Imagine. You’re comfortably relaxing at home watching some rogue Sunday football game. The email dings on the nearest electronic device. “Thank you for your purchase at XYZ store. We appreciate your business!”
Huh? Quizzically, you and your spouse/significant other look at each other. Neither has left the house to go shopping nor have shopped online at XYZ store in the last five minutes. Panic sets in. After quickly verifying the last four digits listed of the credit card on the emailed receipt, it did not match any credit cards in either of your wallets and reaffirming no such XYZ account exists, a phone call is placed to the credit department. Dodging and weaving the voice activated system, a person is finally reached to explain the transaction is not valid because neither of you haven’t even stepped into the store, let alone stepped out of the house all day. The person on the other line, tries not once, but TWICE to get your full social security number.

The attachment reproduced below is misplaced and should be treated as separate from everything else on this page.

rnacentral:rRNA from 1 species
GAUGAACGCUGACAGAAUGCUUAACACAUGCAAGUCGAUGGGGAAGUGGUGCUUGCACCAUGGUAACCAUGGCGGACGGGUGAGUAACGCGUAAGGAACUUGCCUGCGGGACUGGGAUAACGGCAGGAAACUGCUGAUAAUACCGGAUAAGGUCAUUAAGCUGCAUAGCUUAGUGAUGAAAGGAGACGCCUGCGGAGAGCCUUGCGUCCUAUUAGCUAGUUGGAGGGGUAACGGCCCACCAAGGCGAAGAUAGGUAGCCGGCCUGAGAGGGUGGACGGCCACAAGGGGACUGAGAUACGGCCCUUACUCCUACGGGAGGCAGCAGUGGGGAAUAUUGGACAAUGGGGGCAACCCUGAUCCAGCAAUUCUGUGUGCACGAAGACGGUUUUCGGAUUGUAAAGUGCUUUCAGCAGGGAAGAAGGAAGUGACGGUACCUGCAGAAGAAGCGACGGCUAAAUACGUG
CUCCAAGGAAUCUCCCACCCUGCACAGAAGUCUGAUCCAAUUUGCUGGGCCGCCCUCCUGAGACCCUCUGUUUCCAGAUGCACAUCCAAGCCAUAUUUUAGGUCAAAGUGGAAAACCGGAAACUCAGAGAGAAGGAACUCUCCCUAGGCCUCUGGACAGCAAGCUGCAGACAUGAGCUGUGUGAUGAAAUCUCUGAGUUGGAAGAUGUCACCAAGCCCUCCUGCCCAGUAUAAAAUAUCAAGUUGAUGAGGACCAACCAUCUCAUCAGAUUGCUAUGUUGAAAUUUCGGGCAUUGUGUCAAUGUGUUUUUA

Ah, yea, don’t think so.
The conversation ends. Abruptly. But there’s still something quite unsettling. After taking a moment to calm down, you try calling customer service. This time, a different human curtly explains all XYZ accounts are attached to the account holders phone number. “Maybe it was possible the person operating the register accidentally ‘fat fingered’ the phone number which was attached to your email address,” they explain.
Seriously? Still not convinced your identity was not compromised, customer service then offers to connect you to the credit department. This time there is a message stating the department was not open on Sundays.
Weird isn’t it?? Or is it a scam? No, you haven’t entered the Twilight Zone, but the above is based on a true story. This holiday season when you’re out shopping and request an e-receipt, make sure your information is well protected. Here are a few tips:
When you sign up for e-receipts, find out how the business plans to keep your information secure. Be on the lookout for unsolicited emails requesting your personal information; they could be scams that download malware on your computer.
Ask if you can opt-out of receiving promotional emails. You may want to set up a separate email address to use for paperless receipts so that you can easily monitor it for spam.
Be alert of what lands in your inbox. Having receipts emailed can also make you susceptible to phishing and other identity theft scams.
Make sure your anti-virus software is up-to-date. Whether or not you plan to increase your internet and email use, it’s always a good idea to make sure your system’s security plan is updated regularly. Spammers feed off of online shoppers who fail to update their security patches.